The Making of Biblical Womanhood describes how the Protestant rejection of monasticism led to a narrowing of the horizons for women, away from the possibility of a heavenly (albeit disembodied) equality with men to a very earthy sexual imperative that still shapes the evangelical male gaze today. Rachael Denhollander, an advocate for sex abuse survivors, views the sexual abuse scandals permeating the SBC as a theological problem rooted in a faulty view of manhood and womanhood common in conservative evangelical circles (remember Mark Driscoll’s sermons on womanhood and sex?). This perspective distills women down to their sexuality as experienced by men. Denhollander describes it this way:

[W]omen are sexual beings who are either a danger [to male purity] or a means to an end [male fulfillment]. … [W]hen your understanding of sexuality is male-oriented only … you’ve defined womanhood by their status as submissive and by their identity as a sexual being. You have adopted a pornographic view of womanhood, and it should be no surprise to us that women then become either treated as sexual objects, or it doesn’t seem to be that big of a deal to anybody when they are.

The celibate monastic life and Mary’s perpetual virginity bore witness that women are full and complete human beings who embody the image of God even when they aren’t having sex and never will. It’s not as though a woman is half human until sexually “completed” by a man, and vice versa. The complementarity of male and female isn’t that of two halves making a whole, but of two wholes making something entirely new (such as a family). Honoring virginity as a permanent state and not as a waiting room for “real life” reminds us of the integral wholeness of the individual and pushes back against a pornographic view of women.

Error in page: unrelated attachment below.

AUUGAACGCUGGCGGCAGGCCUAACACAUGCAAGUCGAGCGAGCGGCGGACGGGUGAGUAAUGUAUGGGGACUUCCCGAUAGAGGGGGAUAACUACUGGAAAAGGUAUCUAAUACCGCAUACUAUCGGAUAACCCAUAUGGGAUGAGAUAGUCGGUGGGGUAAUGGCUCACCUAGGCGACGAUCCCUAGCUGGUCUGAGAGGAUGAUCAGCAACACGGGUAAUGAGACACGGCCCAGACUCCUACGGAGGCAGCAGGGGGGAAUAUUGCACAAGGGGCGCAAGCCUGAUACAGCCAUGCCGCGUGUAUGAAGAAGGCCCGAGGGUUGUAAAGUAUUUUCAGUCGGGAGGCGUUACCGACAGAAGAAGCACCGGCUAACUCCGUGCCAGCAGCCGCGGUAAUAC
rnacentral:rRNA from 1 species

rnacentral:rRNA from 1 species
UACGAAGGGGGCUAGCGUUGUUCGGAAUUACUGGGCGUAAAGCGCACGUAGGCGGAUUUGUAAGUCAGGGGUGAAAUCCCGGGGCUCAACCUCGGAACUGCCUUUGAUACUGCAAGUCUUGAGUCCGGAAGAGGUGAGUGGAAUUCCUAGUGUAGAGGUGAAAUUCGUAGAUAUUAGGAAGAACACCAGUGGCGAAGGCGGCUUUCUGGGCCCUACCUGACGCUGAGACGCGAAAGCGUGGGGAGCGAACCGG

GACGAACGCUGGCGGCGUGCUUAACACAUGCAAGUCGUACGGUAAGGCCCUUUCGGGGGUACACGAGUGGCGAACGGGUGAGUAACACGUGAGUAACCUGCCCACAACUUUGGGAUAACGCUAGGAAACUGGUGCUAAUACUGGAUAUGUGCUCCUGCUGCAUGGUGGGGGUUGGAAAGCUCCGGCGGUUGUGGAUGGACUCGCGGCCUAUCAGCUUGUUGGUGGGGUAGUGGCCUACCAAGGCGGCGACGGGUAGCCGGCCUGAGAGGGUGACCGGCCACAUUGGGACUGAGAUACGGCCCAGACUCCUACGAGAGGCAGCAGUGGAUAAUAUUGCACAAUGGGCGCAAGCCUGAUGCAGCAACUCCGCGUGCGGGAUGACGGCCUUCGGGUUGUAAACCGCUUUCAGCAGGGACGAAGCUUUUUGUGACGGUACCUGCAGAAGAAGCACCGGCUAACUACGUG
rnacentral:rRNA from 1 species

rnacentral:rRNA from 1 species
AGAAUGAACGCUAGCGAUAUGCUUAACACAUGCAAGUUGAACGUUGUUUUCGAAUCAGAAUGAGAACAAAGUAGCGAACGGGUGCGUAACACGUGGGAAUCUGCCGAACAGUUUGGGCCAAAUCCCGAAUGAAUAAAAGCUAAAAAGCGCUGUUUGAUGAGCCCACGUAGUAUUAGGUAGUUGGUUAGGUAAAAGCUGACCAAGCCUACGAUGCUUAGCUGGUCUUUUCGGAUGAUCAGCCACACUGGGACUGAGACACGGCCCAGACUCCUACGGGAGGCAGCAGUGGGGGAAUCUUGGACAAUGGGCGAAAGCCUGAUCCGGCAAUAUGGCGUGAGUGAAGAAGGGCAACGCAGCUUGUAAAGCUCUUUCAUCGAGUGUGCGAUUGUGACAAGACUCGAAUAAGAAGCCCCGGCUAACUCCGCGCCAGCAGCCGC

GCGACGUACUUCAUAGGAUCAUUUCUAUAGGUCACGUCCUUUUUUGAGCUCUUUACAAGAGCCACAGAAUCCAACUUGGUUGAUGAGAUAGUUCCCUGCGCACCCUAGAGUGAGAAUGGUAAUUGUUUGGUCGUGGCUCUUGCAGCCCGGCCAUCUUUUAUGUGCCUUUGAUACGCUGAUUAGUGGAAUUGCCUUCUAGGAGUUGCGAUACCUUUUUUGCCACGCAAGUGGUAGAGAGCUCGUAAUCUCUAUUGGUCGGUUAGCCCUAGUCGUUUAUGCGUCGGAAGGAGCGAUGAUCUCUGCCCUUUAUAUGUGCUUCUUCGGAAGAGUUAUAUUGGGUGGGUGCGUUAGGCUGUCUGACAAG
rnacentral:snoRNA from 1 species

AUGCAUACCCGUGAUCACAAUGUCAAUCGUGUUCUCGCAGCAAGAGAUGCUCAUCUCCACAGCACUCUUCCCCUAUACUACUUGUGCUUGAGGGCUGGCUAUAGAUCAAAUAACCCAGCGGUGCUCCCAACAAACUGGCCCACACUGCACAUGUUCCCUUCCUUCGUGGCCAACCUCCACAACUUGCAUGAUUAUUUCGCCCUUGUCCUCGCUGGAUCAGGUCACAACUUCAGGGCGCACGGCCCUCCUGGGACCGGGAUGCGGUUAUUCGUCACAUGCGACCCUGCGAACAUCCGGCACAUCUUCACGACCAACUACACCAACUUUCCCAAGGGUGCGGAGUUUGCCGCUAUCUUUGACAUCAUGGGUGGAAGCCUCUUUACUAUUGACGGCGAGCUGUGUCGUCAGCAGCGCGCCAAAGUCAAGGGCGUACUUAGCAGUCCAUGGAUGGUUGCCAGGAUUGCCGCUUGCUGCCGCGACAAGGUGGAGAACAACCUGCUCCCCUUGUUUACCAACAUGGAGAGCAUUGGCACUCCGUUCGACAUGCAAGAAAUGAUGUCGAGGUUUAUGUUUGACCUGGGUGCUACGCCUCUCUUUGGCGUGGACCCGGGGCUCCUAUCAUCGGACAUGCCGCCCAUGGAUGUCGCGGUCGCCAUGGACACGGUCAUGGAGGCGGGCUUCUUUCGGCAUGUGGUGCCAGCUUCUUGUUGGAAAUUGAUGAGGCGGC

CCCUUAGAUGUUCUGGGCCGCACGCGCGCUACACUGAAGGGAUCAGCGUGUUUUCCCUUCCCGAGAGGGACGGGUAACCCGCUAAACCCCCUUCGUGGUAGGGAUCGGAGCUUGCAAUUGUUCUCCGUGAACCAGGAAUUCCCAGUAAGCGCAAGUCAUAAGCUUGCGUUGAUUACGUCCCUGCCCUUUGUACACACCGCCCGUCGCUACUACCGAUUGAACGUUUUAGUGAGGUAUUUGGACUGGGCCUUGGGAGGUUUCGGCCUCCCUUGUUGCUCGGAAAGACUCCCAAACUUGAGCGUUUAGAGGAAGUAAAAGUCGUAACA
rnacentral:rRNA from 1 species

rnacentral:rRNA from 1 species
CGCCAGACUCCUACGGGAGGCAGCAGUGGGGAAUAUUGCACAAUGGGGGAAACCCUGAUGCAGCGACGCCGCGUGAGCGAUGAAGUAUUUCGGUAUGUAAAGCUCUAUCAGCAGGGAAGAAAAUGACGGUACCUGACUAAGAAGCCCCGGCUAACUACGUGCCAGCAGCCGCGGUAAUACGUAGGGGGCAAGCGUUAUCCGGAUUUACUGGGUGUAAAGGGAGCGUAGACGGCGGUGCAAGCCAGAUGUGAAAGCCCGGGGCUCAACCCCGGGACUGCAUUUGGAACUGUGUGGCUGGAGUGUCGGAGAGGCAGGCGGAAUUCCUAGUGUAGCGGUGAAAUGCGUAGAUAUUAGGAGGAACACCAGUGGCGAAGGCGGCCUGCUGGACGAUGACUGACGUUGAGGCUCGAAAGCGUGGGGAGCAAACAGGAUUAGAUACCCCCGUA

The Asymmetry of Sex and the Symmetry of Siblings

When it comes to sex, only one partner is capable of the “temporary symbiosis”1 of pregnancy and breastfeeding. Males reproduce outside their bodies while females reproduce inside their bodies. This reproductive asymmetry2 attunes the female body and mind to the existence of a new kind of Whole (the mother-infant dyad), and it also increases female vulnerability and dependency. Hospitality to another human being within your womb and your arms is a form of care that necessarily (for a season) involves constraints on mothers, and therefore requires fatherly support and communal investment. 

When we look back to the beginning in Eden, Male and Female are spouses. When we look forward to the consummation, Male and Female are like siblings

A variety of cultural assumptions and practices have developed out of the ongoing struggle between men and women to negotiate this sexual asymmetry—from morally neutral divisions of labor and gender roles, to misogynistic attitudes and patriarchal hierarchies.3 Many common and common-sense gendered divisions of labor were carved into stone by traditional societies as top-down “divine design,” thus mistaking practical logistics and preferences for moral mandates. Aristotelian assumptions about the sexes—that the male is active and the female passive, that the male sphere is public and the female private, that the male is the initiating “seal” pressing his will into the receptive female “wax”—were unfortunately taken up by the church,4 and required centuries to be redeemed into a synergistic relationship of mutual respect rather than a one-way biological hierarchy.